A cautionary tale from the trenches.
A few weeks ago an incident occurred that reminded me of the importance of dealing with potential water leaks promptly.
A familiar West Vancouver address.
I received a call from an engineer who asked me if I could go and take a look at a house in West Vancouver with him. I thought the address sounded familiar and realized that I had been to the property a couple of years before to give an estimate for a kitchen remodel.
At that time, I commented on the awesome view of Bowen Island and Howe Sound. The owner said it looked even better from the deck. We walked out onto the deck and as I turned to come back inside I noticed some water staining on the wall around a downspout and that the exterior was badly in need of a paint.
I said to the owner that she should get the gutters and downspouts cleaned out, investigate the cause of the water staining and have the exterior of the house repainted. I think that the home owner thought that I was trying to generate more work but I was actually just trying to save her from a large repair bill down the road.
Fast forward two years and I am now back at the house to estimate the cost of repairs to rectify the now serious water damage. The house had been totally renovated on the inside but nothing had been done to the outside. We started to go over the engineers report and the first item was that the south west corner of the house was now 3 inches lower than the rest of the house. A structural beam was rotted due to water penetration. Upon further investigation we found that not only the beam rotted but so are some of the exterior wall studs and plates in the wall and floor joist ends.
A quick fix turns into trouble.
Now instead of just cleaning out the gutters and downspouts, and painting, which is a handyman job, the repairs require the removal of the new kitchen, flooring, sub floor, drywall, insulation etc. In other words, we have got to undo the work which the homeowner has done over the last two years.
First, we have to get a specialist scaffolding contractor in to construct a scaffold to allow us to work safely and efficiently due to the extent of the work and difficulty of access. Next, we have to demolish and rebuild the south west corner of the house. And then, when all these repairs are completed we have to reinstall the kitchen, flooring, master bathroom and repaint everywhere.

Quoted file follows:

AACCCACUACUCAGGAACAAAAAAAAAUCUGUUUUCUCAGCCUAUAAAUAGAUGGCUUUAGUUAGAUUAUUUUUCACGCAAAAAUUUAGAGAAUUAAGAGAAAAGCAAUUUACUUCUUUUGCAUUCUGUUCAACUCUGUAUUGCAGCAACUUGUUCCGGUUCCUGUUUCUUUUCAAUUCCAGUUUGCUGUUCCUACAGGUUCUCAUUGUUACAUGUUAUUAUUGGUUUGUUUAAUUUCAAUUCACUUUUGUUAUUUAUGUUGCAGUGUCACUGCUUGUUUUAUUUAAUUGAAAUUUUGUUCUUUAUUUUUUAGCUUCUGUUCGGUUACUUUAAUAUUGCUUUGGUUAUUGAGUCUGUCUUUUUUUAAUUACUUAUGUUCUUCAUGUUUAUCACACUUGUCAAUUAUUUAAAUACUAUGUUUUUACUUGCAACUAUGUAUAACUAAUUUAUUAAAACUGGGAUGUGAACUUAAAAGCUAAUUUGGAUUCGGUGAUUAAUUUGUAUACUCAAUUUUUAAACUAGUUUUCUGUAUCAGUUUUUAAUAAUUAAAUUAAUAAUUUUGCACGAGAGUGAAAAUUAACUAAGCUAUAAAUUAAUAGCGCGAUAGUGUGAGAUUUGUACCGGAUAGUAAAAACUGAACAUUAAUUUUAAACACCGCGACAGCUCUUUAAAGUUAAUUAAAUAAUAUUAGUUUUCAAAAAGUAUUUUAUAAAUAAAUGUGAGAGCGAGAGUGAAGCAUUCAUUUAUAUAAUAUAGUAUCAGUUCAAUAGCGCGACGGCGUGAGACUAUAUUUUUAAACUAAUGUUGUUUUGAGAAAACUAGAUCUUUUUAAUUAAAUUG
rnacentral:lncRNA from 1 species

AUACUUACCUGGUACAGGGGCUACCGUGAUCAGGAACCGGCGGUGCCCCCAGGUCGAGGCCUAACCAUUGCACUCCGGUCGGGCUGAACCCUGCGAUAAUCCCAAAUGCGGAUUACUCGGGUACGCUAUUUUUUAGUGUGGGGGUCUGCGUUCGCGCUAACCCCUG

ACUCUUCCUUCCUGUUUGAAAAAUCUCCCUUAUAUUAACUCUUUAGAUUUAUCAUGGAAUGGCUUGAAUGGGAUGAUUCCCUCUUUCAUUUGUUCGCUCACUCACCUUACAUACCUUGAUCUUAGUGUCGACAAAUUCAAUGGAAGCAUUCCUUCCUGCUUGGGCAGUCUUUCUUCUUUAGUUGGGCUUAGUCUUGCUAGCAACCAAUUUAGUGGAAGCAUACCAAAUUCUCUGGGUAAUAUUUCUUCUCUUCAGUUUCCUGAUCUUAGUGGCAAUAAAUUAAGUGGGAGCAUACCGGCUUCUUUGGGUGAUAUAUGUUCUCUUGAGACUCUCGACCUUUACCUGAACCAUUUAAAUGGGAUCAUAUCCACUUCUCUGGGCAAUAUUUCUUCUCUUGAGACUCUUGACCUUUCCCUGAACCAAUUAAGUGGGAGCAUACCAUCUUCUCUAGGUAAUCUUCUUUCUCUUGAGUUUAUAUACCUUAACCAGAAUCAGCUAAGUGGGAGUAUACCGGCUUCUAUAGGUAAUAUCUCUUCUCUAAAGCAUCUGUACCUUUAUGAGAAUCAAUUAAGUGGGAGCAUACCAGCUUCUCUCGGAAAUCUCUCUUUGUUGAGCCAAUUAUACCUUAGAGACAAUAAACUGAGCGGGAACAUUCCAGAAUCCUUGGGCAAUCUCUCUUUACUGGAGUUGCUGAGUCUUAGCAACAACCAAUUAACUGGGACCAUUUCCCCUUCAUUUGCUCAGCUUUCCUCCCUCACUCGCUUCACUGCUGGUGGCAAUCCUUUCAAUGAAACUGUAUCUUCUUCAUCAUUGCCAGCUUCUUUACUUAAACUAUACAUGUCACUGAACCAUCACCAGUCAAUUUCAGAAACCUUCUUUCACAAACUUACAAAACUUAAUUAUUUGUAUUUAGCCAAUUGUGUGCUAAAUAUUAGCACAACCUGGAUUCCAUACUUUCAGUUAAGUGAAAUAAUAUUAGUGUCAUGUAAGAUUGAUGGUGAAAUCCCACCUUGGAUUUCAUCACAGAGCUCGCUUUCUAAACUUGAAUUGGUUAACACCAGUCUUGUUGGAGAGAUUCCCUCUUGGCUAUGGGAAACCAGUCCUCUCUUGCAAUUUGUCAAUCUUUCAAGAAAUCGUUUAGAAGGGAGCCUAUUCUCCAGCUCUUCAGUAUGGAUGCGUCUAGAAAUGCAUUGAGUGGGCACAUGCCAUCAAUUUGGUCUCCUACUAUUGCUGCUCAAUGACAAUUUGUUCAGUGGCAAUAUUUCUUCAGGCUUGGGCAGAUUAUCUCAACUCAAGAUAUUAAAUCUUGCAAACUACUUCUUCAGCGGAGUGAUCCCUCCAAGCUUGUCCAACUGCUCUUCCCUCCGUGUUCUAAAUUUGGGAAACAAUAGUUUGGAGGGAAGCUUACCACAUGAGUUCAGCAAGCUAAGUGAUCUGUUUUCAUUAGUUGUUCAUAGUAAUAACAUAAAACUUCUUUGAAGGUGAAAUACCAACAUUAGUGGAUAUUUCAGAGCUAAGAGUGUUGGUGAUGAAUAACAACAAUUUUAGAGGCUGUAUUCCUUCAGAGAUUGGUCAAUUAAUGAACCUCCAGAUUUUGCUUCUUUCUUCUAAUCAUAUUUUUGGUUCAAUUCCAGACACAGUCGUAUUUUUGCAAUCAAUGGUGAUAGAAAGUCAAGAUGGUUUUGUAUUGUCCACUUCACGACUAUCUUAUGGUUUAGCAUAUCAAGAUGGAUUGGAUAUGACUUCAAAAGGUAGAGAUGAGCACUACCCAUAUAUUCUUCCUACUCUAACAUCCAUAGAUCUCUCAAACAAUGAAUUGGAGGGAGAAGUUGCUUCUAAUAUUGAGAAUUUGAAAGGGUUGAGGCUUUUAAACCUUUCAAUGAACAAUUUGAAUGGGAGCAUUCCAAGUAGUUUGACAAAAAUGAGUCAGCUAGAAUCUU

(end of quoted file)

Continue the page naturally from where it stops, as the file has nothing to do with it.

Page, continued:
Costs mount up.
The cost of these extensive repairs, which are not covered by insurance, will now be approaching a six figure sum. In addition, it has already cost the home owner the sale of the property as it came up on an inspection report. The original maintenance item cost would have been a handyman for a day and a further two days painting.
The problem with picking the wrong contractor.
During the inspection the homeowner approached me almost in tears and said that she had chosen the another contractor years ago because he was slightly cheaper. Also, he could start a few weeks earlier and she thought that I was simply trying to generate more work by commenting about the water staining.
She had mentioned my comments to the other contractor and he told her not to worry about it. She then added that by the time the kitchen was finally finished it actually cost more than my estimate because there were several items that the other contractor had missed. On top of that, although he started sooner the job actually took longer because of the delays caused by the contractor.
Watch for water problems and address them right away.
The lessons to be learned from this story are: one, walk around your house every few weeks and look for signs of water problems; two, clean out the gutters and downpipes on a regular basis; three, if you suspect a problem have it checked out by a professional contractor before the minor problem turns into a major problem; and four, don’t judge a contractor by his price.
For tips on dealing with contractors please see our blog titled “Finding The Right Contractor”.